Bonuses and blind spots - Newcastle International Airport v Eversheds

We look at the courts’ endorsement of common sense limitations on a solicitor’s duty in the light of Newcastle International Airport’s failed claim against Eversheds.

Newcastle International Airport’s £8 million plus claim against Eversheds has failed. It arose from Eversheds’ instructions to draft employment contracts for two directors awarding them large bonuses. Eversheds were instructed by NIA and received their instructions from the two directors. It was alleged that they should have investigated their authority and whether NIA’s board agreed the bonuses.

The claim

NIA was owned by a consortium of seven local authorities and a Danish commercial airport operator.

Eversheds drafted employment contracts for NIA which entitled two executive directors to large bonuses of £8 million and significantly reduced the scope of their restrictive covenants by comparison with earlier contracts.

The two directors gave instructions to Eversheds to draft their contracts having been authorised to do so by NIA’s chair who was also the chair of its remuneration committee. Eversheds’ evidence was that this was “commonplace practice” but, oddly, the chair then failed to read the draft contracts or to draw the committee or the board’s attention to these provisions. She executed them without reference to her colleagues. Even more oddly, two other non-executive directors (nominees of the Danish co-owners of NIA) read the contracts and realised their broad effect but did nothing. Later, the board failed to take steps to re-negotiate the bonuses when it finally understood NIA’s contractual obligation to the two directors.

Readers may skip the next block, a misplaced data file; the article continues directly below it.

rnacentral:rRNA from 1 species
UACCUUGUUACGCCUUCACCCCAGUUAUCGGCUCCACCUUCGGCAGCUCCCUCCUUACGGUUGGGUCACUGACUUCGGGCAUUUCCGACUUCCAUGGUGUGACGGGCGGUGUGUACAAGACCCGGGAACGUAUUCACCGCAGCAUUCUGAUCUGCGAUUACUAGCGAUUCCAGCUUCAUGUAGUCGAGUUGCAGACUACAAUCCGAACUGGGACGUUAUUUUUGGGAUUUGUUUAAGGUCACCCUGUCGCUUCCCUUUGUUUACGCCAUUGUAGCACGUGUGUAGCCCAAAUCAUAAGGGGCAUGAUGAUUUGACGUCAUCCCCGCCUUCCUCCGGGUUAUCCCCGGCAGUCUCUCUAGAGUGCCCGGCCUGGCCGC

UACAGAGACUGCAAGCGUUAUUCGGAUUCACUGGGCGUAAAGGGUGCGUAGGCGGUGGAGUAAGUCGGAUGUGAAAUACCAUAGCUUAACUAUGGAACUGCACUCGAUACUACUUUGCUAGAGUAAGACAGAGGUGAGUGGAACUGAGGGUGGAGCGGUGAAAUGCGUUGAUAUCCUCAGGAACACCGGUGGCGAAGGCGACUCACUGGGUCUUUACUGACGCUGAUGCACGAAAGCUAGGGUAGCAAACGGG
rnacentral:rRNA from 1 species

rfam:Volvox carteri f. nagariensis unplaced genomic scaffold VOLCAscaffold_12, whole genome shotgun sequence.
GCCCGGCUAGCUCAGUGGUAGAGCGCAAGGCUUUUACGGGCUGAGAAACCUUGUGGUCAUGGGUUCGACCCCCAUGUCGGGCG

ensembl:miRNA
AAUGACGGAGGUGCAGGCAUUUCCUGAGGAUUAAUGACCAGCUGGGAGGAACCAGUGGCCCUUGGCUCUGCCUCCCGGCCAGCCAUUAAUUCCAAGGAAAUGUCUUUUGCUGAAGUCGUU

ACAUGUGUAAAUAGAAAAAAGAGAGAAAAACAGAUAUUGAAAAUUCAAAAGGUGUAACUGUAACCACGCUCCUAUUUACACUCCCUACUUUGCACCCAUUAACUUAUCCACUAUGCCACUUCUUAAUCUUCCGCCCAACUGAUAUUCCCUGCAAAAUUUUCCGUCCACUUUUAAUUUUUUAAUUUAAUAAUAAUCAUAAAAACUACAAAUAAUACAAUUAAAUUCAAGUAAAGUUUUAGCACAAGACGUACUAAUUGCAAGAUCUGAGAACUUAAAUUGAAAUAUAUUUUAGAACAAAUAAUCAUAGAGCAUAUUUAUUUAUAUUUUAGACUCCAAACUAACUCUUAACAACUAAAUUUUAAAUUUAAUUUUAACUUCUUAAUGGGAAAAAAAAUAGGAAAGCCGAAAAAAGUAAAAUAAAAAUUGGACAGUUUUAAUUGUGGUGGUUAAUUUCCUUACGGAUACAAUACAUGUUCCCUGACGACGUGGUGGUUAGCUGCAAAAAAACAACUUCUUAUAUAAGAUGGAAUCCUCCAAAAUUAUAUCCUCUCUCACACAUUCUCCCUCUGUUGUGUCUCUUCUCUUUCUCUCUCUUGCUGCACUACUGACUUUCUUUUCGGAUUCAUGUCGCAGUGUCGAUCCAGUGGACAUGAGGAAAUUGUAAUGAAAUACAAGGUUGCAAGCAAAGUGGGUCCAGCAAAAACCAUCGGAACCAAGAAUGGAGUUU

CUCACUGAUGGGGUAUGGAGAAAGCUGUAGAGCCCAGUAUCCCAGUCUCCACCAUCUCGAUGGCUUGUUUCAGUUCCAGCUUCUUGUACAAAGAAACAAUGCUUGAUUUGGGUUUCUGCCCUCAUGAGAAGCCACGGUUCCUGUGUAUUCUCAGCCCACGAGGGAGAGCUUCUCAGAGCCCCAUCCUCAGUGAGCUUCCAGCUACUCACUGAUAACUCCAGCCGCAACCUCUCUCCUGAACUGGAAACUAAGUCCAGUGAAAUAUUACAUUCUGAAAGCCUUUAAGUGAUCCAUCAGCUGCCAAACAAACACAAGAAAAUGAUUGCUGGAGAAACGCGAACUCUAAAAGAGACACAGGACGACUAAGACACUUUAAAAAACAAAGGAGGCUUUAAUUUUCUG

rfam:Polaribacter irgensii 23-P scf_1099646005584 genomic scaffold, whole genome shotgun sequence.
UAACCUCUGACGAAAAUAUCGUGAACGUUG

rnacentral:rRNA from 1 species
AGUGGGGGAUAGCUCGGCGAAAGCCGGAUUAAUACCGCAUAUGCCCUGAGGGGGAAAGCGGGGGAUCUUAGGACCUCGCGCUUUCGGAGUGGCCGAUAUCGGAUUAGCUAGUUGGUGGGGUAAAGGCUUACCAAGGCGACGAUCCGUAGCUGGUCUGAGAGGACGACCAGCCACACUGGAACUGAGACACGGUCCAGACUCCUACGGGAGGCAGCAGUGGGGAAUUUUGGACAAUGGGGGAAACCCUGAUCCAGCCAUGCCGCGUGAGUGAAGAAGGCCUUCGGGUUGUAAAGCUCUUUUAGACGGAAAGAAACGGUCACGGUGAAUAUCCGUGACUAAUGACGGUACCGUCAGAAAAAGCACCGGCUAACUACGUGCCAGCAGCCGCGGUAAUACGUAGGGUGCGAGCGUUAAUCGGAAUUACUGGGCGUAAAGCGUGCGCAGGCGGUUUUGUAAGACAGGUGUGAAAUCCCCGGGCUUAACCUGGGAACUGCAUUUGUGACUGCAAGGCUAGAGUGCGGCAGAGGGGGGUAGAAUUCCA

The decision

Proudman J held in the High Court that the two directors had actual authority to instruct Eversheds, given to them by NIA’s chair, and Eversheds had no reason to doubt that they had been correctly instructed about what had been agreed between the board of NIA and the two directors. That was sufficient to dispose of NIA’s claim that Eversheds should have investigated the scope of the directors’ authority.

Further, NIA’s claim failed on causation because if the chair had read the contracts properly and if the other two non-executive directors had spoken out when they became aware of the bonuses, the local authority shareholders (who were horrified when they finally discovered the size of the bonuses) would have vetoed them. These failures, and not any breach of duty on the part of Eversheds, had caused the loss.


The decision turns on a conventional application of agency principles to a complex factual situation in which, at the end of the day, it was clear the chair had given actual authority to the directors. The decision is, however, helpful for the profession and its indemnity insurers because, in Proudman J’s words, “Life would be very difficult for commercial solicitors if they were required to check the word of apparently authorised agents against the minutiae of all the documents in the case.”

The decision can probably be seen as part of the recent chain of cases starting with Pickersgill v Riley and The Football League v Edge Ellison in which the courts, dealing with experienced businessmen, have declined to impose duties on solicitors to volunteer advice without being asked for it or, as in this case, to check the authority of the individuals instructing them when they had no reason to do so. In the case of such clients, the courts seem to be prepared to accept that there are common sense limitations on a solicitor’s duty.

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